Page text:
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Byron Shire
September 28, 2021

Are Byron’s black spots being addressed?

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Jo Faith, Newtown. 

Travelling the east coast stretch of highways from the south to the north reveals moments of good news and bad news. Good news was revealed in some townships along the route: they have flashing lights warning drivers of areas where koalas are crossing. They flash night and day. ‘Mmm, great respect for life and the rights of nature’ I thought.

I arrive in Byron and a roundabout is being created on a ‘black spot’ in Ewingsdale Rd. Directly in an area where koalas cross. Also close to the neglected Belongil Bridge and the pedestrian crossing. Strangely, in this ‘black spot’ there appears to be little policy compliance concerning human life rights and the lives of endangered koalas –added to which there appears to be a dual road being created. Bad news for life of the human and animal species. And good news for the West Byron development. Has council addressed an EIS or Social Impact Study? Has the state government ratified this ad hoc development?

Both species of life – human and koalas – will be endangered if there is not strong signage, eg flashing lights for koalas and stop lights where human life is respected and rights for social space is equalised between the rights of the car and the rights of living human species.

We know that koalas cannot read so drivers will need to heed flashing lights. And, as for humans, if there are no stop lights they will continue to have no rights when crossing and be forced to wear skates when competing against cars and drivers. That is why a stop light is imperative, like the city, ‘go pedestrians the green light gives you the legal right to cross. And as a little old lady said to me in Newtown, ‘Stick to the lights dear. If you get hit you or die you get greater compensation!’ Crossing lights would be good news for progressive Byron.

Lets remember that the car is a lethal weapon and we are witnessing much of Byron becoming a ‘black spot.’ Namely the impact of more traffic on the Belongil Bridge.

Is this bridge in the high priority category for maintenance (recall Granville?) given the growing intensity of traffic it is meant to carry? Indeed, all bridges deserve greater priority as we address climate change and the growing risk of floods and threats to life. Gone are the 20th century policies addressing the 100-year flood preparations. Do we have 21st century policies incorporating the ever present risks/threats of floods and evacuation?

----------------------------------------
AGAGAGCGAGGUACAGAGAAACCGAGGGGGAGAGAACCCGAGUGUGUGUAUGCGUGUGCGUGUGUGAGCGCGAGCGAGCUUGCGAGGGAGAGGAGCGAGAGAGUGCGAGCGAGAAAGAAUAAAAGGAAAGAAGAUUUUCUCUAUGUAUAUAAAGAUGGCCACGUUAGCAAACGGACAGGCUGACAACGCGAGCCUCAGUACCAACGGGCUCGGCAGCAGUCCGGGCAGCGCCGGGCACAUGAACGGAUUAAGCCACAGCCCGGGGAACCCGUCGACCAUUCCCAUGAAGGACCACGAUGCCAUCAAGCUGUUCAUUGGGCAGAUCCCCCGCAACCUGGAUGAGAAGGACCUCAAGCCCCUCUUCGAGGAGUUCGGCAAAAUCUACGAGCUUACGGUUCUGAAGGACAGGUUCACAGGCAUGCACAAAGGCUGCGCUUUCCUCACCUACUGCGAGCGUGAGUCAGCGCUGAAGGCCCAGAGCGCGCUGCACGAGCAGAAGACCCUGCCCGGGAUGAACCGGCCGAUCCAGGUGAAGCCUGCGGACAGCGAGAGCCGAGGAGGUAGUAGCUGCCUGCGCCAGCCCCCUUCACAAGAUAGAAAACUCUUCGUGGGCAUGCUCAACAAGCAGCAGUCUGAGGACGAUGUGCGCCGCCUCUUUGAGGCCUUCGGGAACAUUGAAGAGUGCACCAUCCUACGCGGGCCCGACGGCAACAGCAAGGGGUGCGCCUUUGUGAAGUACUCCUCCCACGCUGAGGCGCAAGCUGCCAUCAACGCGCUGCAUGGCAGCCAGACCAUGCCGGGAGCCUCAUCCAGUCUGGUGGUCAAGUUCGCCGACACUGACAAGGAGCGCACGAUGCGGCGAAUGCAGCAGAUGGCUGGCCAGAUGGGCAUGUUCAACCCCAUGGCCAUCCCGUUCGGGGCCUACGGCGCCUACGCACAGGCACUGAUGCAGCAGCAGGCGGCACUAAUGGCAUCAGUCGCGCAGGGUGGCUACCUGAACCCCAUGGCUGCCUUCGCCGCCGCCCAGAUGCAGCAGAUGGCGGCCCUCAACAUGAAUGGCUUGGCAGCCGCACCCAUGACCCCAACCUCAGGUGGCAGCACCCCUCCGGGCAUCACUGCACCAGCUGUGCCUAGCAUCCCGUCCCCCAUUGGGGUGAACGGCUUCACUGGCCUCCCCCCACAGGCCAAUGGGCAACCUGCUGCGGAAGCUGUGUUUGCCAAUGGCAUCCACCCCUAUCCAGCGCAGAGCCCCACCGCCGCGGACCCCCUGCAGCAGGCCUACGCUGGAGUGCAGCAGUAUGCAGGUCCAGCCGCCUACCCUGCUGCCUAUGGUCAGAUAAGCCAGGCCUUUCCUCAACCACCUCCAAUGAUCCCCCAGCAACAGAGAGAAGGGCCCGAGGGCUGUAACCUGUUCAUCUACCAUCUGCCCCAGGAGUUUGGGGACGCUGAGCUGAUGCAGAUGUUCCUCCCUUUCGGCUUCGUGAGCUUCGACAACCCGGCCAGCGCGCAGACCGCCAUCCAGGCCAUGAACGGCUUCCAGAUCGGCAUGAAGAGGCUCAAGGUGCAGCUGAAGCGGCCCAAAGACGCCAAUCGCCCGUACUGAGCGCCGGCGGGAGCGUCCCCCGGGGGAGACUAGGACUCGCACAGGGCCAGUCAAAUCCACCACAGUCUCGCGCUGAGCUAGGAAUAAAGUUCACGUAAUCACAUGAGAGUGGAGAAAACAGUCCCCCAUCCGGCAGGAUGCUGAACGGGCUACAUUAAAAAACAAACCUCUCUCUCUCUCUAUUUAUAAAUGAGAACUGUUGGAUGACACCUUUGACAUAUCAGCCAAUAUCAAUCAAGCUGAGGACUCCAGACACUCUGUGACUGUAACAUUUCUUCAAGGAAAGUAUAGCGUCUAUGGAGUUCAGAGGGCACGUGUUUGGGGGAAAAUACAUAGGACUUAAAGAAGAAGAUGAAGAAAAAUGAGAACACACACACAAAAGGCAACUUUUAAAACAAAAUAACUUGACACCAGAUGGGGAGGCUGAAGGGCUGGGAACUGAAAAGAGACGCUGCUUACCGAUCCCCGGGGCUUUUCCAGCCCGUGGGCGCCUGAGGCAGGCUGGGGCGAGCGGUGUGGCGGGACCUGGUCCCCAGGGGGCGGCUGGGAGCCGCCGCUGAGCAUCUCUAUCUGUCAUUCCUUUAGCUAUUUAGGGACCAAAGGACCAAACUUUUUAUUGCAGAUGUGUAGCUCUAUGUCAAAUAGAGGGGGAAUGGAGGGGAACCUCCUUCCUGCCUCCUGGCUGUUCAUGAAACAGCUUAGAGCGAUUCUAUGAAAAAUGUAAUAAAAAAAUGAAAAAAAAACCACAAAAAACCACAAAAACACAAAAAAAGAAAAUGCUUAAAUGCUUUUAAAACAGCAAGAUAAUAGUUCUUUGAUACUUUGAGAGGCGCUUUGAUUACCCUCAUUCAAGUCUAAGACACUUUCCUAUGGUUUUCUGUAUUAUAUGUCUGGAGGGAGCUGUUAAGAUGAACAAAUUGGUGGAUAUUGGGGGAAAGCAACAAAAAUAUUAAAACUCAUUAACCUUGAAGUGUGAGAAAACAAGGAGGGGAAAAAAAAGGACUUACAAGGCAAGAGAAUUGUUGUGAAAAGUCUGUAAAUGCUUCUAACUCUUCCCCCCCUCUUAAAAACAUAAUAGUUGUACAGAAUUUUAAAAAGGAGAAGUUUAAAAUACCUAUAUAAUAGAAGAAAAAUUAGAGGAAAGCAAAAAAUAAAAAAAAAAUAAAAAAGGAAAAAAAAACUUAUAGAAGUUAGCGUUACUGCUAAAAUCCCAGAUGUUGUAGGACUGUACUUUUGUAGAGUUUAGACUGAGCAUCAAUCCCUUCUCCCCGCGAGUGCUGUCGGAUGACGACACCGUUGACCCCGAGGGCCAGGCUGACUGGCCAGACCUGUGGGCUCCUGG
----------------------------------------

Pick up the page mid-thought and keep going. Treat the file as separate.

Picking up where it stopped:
If so, that would be good news; if not, Byron folks can create the good news by collectively addressing policy revision with a greater respect to all species life as a top priority in the 21st century.

 


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3 COMMENTS

  1. Jo I again find I accord with your concerns but can I comment on your reference to dual lanes. In the eighties federal money was made available for projects that promoted sustainable transport, and some was spent on reduplication projects in Canberra. The added lanes were then made available to buses only in peak hour. This preferential treatment makes bus journeys faster, and shifts some car drivers to more a sustainable transport that relieves congestion. This approach can also be extended to vehicles carrying multiple passengers, encouraging car pooling (the modern light cars now popular in Australia are more efficient than most public transport solutions provided they are not used by one or two people). In the case of the Bay such preference could be applied in peak hour, and during peak holiday and festival times. Add in a short busway into town over the disused rail line into the old railway station, better management of traffic after it enters the town, and remove the discriminatory paid parking arrangements which discourage non-Shire residents from using cars but not its residents, and you will achieve a more sustainable transport system in and out of the Bay.

  2. Jo I again find I accord with your concerns but can I comment on your reference to dual lanes. In the eighties federal money was made available for projects that promoted sustainable transport, and some was spent on reduplication projects in Canberra. The added lanes were then made available to buses only in peak hour. This preferential treatment makes bus journeys faster, and shifts some car drivers to more a sustainable transport that relieves congestion. This approach can also be extended to vehicles carrying multiple passengers, encouraging car pooling (the modern light cars now popular in Australia are more efficient than most public transport solutions provided they are not used by one or two people). In the case of the Bay such preference could be applied in peak hour, and during peak holiday and festival times. Add in a short busway into town over the disused rail line into the old railway station, better management of traffic after it enters the town, and remove the discriminatory paid parking arrangements which discourage non-Shire residents from using cars but not its residents, and you will achieve less congestion and a more sustainable transport system in and out of the Bay.

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